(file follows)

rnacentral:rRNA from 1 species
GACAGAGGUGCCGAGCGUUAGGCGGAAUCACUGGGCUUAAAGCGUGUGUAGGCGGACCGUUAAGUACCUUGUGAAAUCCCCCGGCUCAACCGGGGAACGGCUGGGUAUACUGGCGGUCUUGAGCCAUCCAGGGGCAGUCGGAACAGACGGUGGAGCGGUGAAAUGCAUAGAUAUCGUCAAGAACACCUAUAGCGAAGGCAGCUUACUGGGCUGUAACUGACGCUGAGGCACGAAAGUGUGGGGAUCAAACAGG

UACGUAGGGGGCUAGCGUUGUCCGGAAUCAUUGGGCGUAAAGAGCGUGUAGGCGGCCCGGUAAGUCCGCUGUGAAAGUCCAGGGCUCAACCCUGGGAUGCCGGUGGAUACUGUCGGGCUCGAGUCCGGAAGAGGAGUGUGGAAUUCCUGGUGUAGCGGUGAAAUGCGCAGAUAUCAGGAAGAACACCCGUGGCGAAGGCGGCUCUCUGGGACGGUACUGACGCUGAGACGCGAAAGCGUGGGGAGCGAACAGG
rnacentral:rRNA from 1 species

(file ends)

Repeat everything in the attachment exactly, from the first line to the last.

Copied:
rnacentral:rRNA from 1 species
GACAGAGGUGCCGAGCGUUAGGCGGAAUCACUGGGCUUAAAGCGUGUGUAGGCGGACCGUUAAGUACCUUGUGAAAUCCCCCGGCUCAACCGGGGAACGGCUGGGUAUACUGGCGGUCUUGAGCCAUCCAGGGGCAGUCGGAACAGACGGUGGAGCGGUGAAAUGCAUAGAUAUCGUCAAGAACACCUAUAGCGAAGGCAGCUUACUGGGCUGUAACUGACGCUGAGGCACGAAAGUGUGGGGAUCAAACAGG

UACGUAGGGGGCUAGCGUUGUCCGGAAUCAUUGGGCGUAAAGAGCGUGUAGGCGGCCCGGUAAGUCCGCUGUGAAAGUCCAGGGCUCAACCCUGGGAUGCCGGUGGAUACUGUCGGGCUCGAGUCCGGAAGAGGAGUGUGGAAUUCCUGGUGUAGCGGUGAAAUGCGCAGAUAUCAGGAAGAACACCCGUGGCGAAGGCGGCUCUCUGGGACGGUACUGACGCUGAGACGCGAAAGCGUGGGGAGCGAACAGG
rnacentral:rRNA from 1 species